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Gov. Deval Patrick unveils $3.8 million grant for Holyoke Community College life sciences

  • Governor Deval Patrick shakes hands with Enver Kaaon of Ludlow after making an announcement about a large grant award for Holyoke Community College at the Leslie Phillips Theater on campus on Thursday, February 28, 2013. <br/><br/>SARAH CROSBY

    Governor Deval Patrick shakes hands with Enver Kaaon of Ludlow after making an announcement about a large grant award for Holyoke Community College at the Leslie Phillips Theater on campus on Thursday, February 28, 2013.

    SARAH CROSBY Purchase photo reprints »

  • Governor Deval Patrick, left, claps in response to Holyoke Community College President Bill Messner's speech about a large grant award for Holyoke Community College at the Leslie Phillips Theater on campus on Thursday, February 28, 2013. Mayor of Holyoke Alex Morse, second from left, CEO and President of Massachusetts Life Sciences Center Susan Windham-Bannister, Executive Director of MGHPCC John Goodhue, Assistant Professor of UMass Memorial Medical Center in Worcester Dr. Manuel Garver, Provost and Vice President for Academic Affairs at Baypath Dr. Melissa Morris-Olson join Patrick in applause.<br/><br/>SARAH CROSBY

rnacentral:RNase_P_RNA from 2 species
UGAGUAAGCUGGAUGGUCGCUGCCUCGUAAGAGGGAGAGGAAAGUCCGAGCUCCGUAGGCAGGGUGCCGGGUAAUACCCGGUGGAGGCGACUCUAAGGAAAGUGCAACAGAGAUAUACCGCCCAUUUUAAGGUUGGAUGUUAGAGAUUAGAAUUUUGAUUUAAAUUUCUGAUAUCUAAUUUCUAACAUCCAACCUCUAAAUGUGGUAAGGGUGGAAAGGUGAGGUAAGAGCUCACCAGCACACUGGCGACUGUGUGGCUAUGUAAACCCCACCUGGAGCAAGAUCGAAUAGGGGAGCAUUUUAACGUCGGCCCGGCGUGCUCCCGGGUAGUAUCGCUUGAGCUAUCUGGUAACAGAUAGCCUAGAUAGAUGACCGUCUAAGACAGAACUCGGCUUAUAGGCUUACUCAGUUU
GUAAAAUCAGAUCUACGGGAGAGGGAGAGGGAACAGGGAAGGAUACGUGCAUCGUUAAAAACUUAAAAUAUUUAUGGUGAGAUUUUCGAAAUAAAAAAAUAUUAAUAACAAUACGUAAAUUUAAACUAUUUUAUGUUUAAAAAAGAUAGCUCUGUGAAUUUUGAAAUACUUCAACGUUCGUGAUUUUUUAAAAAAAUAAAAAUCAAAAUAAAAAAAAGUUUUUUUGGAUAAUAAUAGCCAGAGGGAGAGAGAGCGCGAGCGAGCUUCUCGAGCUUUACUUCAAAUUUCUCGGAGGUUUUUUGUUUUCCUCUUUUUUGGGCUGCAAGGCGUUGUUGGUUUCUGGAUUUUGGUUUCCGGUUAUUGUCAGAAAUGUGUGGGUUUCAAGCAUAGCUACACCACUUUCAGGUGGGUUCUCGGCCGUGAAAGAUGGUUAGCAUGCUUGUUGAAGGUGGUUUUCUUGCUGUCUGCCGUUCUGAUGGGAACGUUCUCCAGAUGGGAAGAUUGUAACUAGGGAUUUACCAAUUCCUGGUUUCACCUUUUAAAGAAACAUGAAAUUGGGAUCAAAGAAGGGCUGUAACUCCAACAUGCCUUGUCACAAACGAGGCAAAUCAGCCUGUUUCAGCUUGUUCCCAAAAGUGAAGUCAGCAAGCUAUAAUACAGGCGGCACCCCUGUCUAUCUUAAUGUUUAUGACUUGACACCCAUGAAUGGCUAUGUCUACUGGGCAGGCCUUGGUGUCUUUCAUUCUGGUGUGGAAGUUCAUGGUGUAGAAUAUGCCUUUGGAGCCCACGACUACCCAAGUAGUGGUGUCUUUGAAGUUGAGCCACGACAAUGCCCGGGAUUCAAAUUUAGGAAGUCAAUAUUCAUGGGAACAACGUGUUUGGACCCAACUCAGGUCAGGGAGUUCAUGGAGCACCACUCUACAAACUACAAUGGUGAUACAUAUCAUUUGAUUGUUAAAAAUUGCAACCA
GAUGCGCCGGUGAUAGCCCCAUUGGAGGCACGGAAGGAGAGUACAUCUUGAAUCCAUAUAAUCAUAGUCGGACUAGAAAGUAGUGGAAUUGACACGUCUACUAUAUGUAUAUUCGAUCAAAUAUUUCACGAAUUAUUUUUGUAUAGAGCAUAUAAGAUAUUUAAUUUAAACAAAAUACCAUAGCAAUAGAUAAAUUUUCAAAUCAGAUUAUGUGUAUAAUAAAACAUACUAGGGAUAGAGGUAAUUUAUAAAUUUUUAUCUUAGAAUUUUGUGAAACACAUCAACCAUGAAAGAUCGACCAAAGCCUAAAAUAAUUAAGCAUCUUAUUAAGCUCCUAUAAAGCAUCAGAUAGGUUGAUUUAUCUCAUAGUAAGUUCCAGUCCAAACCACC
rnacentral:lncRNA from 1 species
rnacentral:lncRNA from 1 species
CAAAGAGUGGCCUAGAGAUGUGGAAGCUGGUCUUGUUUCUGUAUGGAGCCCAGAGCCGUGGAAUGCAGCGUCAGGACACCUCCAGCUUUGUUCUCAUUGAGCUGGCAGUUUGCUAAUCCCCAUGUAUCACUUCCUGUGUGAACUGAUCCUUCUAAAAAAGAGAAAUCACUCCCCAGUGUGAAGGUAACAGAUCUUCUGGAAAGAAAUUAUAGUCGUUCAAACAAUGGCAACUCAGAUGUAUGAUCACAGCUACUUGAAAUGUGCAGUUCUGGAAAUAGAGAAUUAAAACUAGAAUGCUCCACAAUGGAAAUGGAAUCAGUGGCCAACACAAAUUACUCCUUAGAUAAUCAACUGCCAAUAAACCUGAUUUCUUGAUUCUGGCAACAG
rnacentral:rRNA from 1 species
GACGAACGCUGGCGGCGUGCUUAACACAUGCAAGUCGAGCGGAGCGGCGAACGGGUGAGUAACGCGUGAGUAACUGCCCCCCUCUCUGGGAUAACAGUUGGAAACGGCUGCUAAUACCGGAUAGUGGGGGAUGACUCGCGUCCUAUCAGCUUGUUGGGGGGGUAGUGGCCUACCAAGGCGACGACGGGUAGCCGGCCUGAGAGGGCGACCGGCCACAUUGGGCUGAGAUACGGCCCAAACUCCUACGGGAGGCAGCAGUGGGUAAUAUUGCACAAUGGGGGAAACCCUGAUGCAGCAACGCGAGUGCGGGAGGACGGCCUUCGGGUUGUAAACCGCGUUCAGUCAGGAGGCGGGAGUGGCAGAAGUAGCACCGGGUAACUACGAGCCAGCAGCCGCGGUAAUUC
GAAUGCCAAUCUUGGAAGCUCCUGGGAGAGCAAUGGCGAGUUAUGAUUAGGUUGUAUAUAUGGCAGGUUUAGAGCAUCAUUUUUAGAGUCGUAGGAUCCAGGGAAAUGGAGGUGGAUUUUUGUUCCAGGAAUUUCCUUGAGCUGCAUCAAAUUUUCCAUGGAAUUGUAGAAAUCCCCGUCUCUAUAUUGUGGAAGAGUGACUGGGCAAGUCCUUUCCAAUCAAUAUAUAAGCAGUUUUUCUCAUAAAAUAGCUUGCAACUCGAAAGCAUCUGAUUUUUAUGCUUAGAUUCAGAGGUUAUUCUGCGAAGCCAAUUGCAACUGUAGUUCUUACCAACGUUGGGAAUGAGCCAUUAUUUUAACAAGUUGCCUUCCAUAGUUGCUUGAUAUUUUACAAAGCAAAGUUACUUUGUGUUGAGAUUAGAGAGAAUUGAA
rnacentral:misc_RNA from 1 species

Governor Deval Patrick, left, claps in response to Holyoke Community College President Bill Messner's speech about a large grant award for Holyoke Community College at the Leslie Phillips Theater on campus on Thursday, February 28, 2013. Mayor of Holyoke Alex Morse, second from left, CEO and President of Massachusetts Life Sciences Center Susan Windham-Bannister, Executive Director of MGHPCC John Goodhue, Assistant Professor of UMass Memorial Medical Center in Worcester Dr. Manuel Garver, Provost and Vice President for Academic Affairs at Baypath Dr. Melissa Morris-Olson join Patrick in applause.